CONSERVATION plans are underway to create a 'Great North Bog' to restore thousands of acres of peatland stretching from the Peak District to the Scottish Borders.

The area covers five national parks including the Peak District, Yorkshire Dales, North York Moors, the Lake District and Northumberland.

The peatland restoration project is estimated to cost in excess of £200m over a 20-year lifespan and involves protecting and restoring 2,700sq miles of upland peat. The Great North Bog area is estimated to store more than 400m tonnes of carbon.

Due to annual erosion and the drying-out process of peatlands, it is estimated 3.7m tonnes of carbon is released per year. This equates to approximately one per cent of the UK’s annual carbon emission of 350m tonnes. Peat bogs are the dead remains of trees and plantlife that died more than 12,000 years ago.

The climate change committee estimates the amount of healthy peatland required to help the UK achieve its carbon targets needs to be increased from the current 25 per cent to 58 per cent by 2035 and to 79 per cent by 2050.

The project will be of concern to landowners, especially to sheep farmers grazing the upland regions. Re-hydrating or repairing the peatlands will be a lengthy, costly and laborious process.

It is estimated that peat bog grow-back is at 10mm per annum compared to an annual loss of 25mm per year. However, reducing carbon levels could be a more effective strategy, rather than merely storing carbon.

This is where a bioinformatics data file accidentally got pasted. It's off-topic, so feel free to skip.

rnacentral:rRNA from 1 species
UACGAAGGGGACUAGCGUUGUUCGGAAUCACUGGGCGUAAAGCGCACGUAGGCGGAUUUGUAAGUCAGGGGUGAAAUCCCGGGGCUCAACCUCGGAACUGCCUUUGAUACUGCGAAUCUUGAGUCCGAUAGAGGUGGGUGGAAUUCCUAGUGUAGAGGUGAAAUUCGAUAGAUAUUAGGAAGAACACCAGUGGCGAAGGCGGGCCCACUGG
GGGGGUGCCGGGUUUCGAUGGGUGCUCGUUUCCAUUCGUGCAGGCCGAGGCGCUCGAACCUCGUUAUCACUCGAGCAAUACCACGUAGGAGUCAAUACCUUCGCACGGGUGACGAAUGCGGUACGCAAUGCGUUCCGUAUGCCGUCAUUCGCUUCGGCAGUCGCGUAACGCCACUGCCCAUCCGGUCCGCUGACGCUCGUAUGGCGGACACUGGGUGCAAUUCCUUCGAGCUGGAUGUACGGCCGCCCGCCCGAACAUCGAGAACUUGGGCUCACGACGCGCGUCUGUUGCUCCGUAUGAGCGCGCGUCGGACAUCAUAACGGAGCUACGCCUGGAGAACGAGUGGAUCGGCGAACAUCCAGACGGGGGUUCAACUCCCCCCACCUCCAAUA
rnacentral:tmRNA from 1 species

So far, there has not been any mention of compensation to sheep farmers and landowners who currently manage the peatlands included in the £200m scheme.

Old Victorian drainage systems helped turn peatlands into more animal productive landscapes. Post-Second World War, as a result of greater mechanical engineering and the need for increased levels of home-grown food production, the upland regions were drained. During the 1950s and 1960s, government schemes paid landowners to drain moorland bogs for sheep grazing.

The UK is set to host the COP26 United Nations climate summit in Cornwall in November and the government is keen to back environmental projects. Environmentalist’s claim restoring peat lands will help reduce flood risk, assist water filtration, aid biodiversity and will create a haven for wild flowers and wildlife as well as, aid tourism.

National Parks UK is currently drawing up funding procedures for the project.